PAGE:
Edmonton

Fort McMurray spring flood caused $522 million in damage, insurance bureau says

Fort McMurray’s spring flood caused more than $520 million in insured damages, according to new numbers from the Insurance Bureau of Canada.

Alberta sees big year-over-year increases in natural disaster claims

A grocery store is surrounded by water on Franklin Avenue in Fort McMurray during the April flood. (Greg Halinda/The Canadian Press)

Fort McMurray's spring flood caused more than $520 million in insured damage, according to new numbers from the Insurance Bureau of Canada. 

That flood damage was followed by $1.2 billion in damage from a hailstorm in Calgary, Airdrie and Rocky View County, flooding in Edmonton in July and another storm in Calgary on July 24.

Altogether the total 2020 insurance payouts for Alberta disasters has so far been more than $2 billion. 

"The good news is that no one event, or one or two events, will cause insurance premiums to increase," said Celyeste Power, western vice-president for the bureau. 

"But it is hard to look at a summer like this … without noting that Alberta is a very expensive place to do business."

Power said the bureau is working with all levels of government to create a national plan to ensure that affordable flood coverage is available for everyone. 

"Especially at the rate things are going with flooding events in Alberta and across the country, it's becoming not easy to find flood insurance for your residential property. And if you can find it, it's not typically affordable."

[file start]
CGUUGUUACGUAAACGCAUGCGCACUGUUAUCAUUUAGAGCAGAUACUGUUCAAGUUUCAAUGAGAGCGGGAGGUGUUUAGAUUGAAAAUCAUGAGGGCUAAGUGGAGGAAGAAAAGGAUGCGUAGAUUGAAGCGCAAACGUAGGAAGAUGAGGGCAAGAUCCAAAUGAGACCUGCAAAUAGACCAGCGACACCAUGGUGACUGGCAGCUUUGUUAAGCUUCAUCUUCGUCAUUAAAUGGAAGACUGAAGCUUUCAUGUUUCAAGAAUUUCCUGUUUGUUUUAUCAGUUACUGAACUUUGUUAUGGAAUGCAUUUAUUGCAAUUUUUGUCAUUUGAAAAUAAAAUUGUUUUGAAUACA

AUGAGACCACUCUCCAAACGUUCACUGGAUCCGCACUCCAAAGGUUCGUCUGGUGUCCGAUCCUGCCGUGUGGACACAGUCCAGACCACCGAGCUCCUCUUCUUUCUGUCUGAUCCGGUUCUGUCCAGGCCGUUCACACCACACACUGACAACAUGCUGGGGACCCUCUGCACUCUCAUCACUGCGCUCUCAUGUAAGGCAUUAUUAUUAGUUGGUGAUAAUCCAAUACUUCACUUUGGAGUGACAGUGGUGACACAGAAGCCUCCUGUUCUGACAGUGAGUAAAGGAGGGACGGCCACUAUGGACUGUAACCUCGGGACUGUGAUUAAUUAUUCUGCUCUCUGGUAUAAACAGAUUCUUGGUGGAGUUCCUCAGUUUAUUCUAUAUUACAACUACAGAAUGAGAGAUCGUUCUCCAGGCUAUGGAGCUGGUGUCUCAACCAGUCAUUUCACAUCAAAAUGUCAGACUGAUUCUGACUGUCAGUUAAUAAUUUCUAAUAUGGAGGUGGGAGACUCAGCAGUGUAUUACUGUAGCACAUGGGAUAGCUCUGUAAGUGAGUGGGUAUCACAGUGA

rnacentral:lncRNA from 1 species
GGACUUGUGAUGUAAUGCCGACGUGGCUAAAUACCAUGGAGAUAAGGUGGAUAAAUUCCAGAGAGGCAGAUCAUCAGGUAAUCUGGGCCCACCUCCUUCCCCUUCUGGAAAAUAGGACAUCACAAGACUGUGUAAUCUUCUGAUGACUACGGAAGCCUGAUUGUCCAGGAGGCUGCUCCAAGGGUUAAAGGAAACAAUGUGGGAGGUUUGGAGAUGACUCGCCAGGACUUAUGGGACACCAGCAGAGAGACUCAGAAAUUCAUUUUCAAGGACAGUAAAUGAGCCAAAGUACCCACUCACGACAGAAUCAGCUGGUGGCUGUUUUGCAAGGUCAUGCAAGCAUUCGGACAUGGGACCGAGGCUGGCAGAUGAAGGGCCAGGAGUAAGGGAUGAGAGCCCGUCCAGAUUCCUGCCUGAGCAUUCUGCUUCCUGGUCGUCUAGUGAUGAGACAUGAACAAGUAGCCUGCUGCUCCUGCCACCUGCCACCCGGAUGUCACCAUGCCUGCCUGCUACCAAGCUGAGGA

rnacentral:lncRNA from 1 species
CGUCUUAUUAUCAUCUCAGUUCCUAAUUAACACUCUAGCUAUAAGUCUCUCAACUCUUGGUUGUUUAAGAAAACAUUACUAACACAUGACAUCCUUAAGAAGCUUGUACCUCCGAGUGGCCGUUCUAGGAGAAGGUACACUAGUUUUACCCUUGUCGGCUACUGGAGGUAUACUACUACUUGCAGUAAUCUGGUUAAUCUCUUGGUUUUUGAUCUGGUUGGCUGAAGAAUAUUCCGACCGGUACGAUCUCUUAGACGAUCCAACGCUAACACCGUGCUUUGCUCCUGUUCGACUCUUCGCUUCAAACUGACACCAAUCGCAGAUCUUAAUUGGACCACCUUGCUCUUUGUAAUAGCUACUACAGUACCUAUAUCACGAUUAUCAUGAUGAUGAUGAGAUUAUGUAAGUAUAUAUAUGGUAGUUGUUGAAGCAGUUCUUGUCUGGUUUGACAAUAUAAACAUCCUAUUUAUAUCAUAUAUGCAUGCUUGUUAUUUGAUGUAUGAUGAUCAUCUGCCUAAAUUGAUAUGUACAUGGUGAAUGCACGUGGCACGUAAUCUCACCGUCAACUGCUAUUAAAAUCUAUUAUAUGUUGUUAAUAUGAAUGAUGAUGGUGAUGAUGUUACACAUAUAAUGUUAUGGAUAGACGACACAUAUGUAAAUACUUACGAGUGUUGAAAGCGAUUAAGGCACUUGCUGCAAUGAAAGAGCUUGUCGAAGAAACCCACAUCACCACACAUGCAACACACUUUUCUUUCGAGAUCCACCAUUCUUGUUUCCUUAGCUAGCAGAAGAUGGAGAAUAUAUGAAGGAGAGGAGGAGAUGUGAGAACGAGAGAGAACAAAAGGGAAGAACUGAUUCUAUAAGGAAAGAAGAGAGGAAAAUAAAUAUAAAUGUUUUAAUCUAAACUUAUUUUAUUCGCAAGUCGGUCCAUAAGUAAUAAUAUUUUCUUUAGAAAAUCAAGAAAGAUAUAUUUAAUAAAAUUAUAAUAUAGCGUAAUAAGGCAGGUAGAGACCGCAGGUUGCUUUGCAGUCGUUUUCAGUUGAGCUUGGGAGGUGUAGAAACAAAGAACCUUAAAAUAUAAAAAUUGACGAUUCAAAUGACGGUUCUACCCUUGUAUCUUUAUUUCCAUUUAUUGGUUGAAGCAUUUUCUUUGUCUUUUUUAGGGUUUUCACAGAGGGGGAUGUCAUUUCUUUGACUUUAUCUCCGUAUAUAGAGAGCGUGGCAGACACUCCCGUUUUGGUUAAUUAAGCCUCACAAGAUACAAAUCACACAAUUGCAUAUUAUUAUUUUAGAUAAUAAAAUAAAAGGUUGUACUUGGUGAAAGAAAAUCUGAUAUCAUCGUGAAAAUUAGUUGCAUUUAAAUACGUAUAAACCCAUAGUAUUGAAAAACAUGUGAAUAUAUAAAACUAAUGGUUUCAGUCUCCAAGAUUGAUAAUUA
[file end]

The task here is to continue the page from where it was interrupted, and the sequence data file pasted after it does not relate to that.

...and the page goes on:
She said that's why the bureau is working on a partnership with government.  

In Fort McMurray, the Regional Municipality of Wood Buffalo has been reassessing its flood plan, and many residents have said they're unable to get  insurance for their properties. 

Matthew Hough, deputy chief administrative officer for the municipality,  said in an email that recovery costs for natural disasters have been increasing, and the provincial and federal governments have indicated they won't provide as much financial help in the future. 

"That means that the municipality and property owners will have to cover more of the costs," Hough said. 

"The 2020 flood has made us reconsider our approach — we want to be more resilient in the future." 

Power said she applauds the municipality for making efforts to protect the town from future floods. 

"I think everyone can say that they've been through enough," said Power. "I think the more resiliency that we can build in that community and across the province, the better."

The payouts and frequency of natural disasters in Alberta has been steadily increasing for years, she said. 

In 2006, insurers paid out $197 million; in 2016, that figure was $5.3 billion. From January to June 2020, insurers have paid out over $2 billion. 

"We're seeing quite a jump in how much it costs per year," Powers said.

The municipality will bring new recommendations for a flood mitigation plan to council in September. 

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